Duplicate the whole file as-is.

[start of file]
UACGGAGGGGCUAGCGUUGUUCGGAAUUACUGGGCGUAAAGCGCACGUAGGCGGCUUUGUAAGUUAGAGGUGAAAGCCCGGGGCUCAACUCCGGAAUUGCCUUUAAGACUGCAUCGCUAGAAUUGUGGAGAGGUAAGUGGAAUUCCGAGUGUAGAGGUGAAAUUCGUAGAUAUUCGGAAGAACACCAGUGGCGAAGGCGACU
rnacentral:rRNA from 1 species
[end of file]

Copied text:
UACGGAGGGGCUAGCGUUGUUCGGAAUUACUGGGCGUAAAGCGCACGUAGGCGGCUUUGUAAGUUAGAGGUGAAAGCCCGGGGCUCAACUCCGGAAUUGCCUUUAAGACUGCAUCGCUAGAAUUGUGGAGAGGUAAGUGGAAUUCCGAGUGUAGAGGUGAAAUUCGUAGAUAUUCGGAAGAACACCAGUGGCGAAGGCGACU
rnacentral:rRNA from 1 species